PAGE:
Chris Williams recognized his son was going through some dark times and wondered if he might be losing him, but he found comfort in knowing he wasn't parenting alone. Sam had his Heavenly Father, the Savior and other family members, both living and deceased, who were looking out for him, Chris Williams said.
"I relied on the fact that I was one of several fathers," Chris Williams said. "I held on to the faith that he's going through a wonderful learning experience and I wanted to make sure that I didn't disrupt that experience before it had fully born the fruit it was going to bear. I could have confronted the behavior, but I sat back and let things kind of work itself through, having faith that I had other support people I couldn't see."
One time Chris Williams stood in front of his son's bedroom door, ready to enter and address some things he didn't agree with, but something stopped him.
"As I got to his door, it was almost as if my deceased wife was there telling me to be quiet, don't go in, let him figure this out," the father said. "I felt myself being shut down so the Spirit and the people on the other side of the veil could in their way have their say in this and influence him. As time went on, to see his progress, and to see his testimony developed, it reassured to me that as parents we don't parent alone. There are so many people involved in our lives and in the lives of our children that we can't see. If we have faith in their input and ability to help us, miracles can come from it."
As he's grown, gained a testimony and prepared to serve a mission, Sam Williams has learned to count his blessings and recognize the Lord's hand in his life. He's grateful things have worked out and understands that when trials come, you've got to trust in the Lord and push forward. He's also grateful to know his family's story and his father's example of forgiveness has touched many lives.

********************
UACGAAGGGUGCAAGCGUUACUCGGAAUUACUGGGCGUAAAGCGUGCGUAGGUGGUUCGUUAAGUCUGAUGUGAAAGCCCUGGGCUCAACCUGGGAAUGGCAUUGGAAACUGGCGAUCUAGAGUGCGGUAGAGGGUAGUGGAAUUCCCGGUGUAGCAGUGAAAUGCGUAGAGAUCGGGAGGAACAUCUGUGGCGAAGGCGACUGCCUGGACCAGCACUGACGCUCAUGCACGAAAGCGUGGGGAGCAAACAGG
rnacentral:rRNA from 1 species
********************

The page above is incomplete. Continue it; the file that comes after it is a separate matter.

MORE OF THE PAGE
"Life may be unbearable at times but all will be made right in the end," Sam Williams said. "We just have to push through."
Sam Williams also learned it's important to keep an eternal perspective when making choices. He's often heard other kids use the acronym "YOLO," which stands for "You only live once," to justify doing something bold or rash. He prefers an expression his brother taught him, "YALF," which they say means, "You actually live forever."
"The choices we make here will affect our lives and existence forever," Sam Williams said.
Chris Williams said it's been "amazing" to have a front row seat in his children's lives to witness their growth and develop through life's experiences.
"Just to hear this witness after 12 years of all the parenting and everything else, it's a wonderful payday and milestone," the father said.
Chris Williams also thinks the day will come when we'll thank the Lord for our adversity and afflictions. In the next life, when we look back on everything we've learned, he said, perhaps Heavenly Father will ask us if we would have wanted to do anything differently, such as avoid scraped knees or wish he had fixed every problem immediately, preventing growth?
"I think we would say, 'No way, the experiences we have are too valuable, especially those experiences that bring us to Christ and allow us to understand him better. They're just too valuable to not pay the price to go through,'" Chris Williams said. "So I am very grateful that Heavenly Father doesn't prevent every bad thing from happening so that we can go through it and in so doing experience His healing power, and then come to a greater appreciation of Jesus Christ."